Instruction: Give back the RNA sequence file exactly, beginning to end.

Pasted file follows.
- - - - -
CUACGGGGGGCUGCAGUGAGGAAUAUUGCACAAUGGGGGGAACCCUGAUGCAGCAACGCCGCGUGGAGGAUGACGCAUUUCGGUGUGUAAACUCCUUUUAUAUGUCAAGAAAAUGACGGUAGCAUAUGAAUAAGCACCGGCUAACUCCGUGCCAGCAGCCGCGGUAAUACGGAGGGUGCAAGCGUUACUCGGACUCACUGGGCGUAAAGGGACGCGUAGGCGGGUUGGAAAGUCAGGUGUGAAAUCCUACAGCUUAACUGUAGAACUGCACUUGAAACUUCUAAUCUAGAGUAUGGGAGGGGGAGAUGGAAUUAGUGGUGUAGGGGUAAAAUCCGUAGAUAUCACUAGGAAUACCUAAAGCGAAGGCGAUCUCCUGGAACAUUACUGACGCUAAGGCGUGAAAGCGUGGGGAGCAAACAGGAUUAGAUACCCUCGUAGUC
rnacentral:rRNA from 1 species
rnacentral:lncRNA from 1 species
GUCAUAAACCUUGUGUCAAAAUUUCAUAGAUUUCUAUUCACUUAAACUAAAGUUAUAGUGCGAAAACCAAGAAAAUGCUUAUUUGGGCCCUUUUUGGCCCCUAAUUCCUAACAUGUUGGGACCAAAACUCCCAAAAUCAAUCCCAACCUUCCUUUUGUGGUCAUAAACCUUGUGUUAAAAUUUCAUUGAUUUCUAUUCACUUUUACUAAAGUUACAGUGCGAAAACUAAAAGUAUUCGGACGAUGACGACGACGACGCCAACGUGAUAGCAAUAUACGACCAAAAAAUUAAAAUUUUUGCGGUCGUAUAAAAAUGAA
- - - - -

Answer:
CUACGGGGGGCUGCAGUGAGGAAUAUUGCACAAUGGGGGGAACCCUGAUGCAGCAACGCCGCGUGGAGGAUGACGCAUUUCGGUGUGUAAACUCCUUUUAUAUGUCAAGAAAAUGACGGUAGCAUAUGAAUAAGCACCGGCUAACUCCGUGCCAGCAGCCGCGGUAAUACGGAGGGUGCAAGCGUUACUCGGACUCACUGGGCGUAAAGGGACGCGUAGGCGGGUUGGAAAGUCAGGUGUGAAAUCCUACAGCUUAACUGUAGAACUGCACUUGAAACUUCUAAUCUAGAGUAUGGGAGGGGGAGAUGGAAUUAGUGGUGUAGGGGUAAAAUCCGUAGAUAUCACUAGGAAUACCUAAAGCGAAGGCGAUCUCCUGGAACAUUACUGACGCUAAGGCGUGAAAGCGUGGGGAGCAAACAGGAUUAGAUACCCUCGUAGUC
rnacentral:rRNA from 1 species
rnacentral:lncRNA from 1 species
GUCAUAAACCUUGUGUCAAAAUUUCAUAGAUUUCUAUUCACUUAAACUAAAGUUAUAGUGCGAAAACCAAGAAAAUGCUUAUUUGGGCCCUUUUUGGCCCCUAAUUCCUAACAUGUUGGGACCAAAACUCCCAAAAUCAAUCCCAACCUUCCUUUUGUGGUCAUAAACCUUGUGUUAAAAUUUCAUUGAUUUCUAUUCACUUUUACUAAAGUUACAGUGCGAAAACUAAAAGUAUUCGGACGAUGACGACGACGACGCCAACGUGAUAGCAAUAUACGACCAAAAAAUUAAAAUUUUUGCGGUCGUAUAAAAAUGAA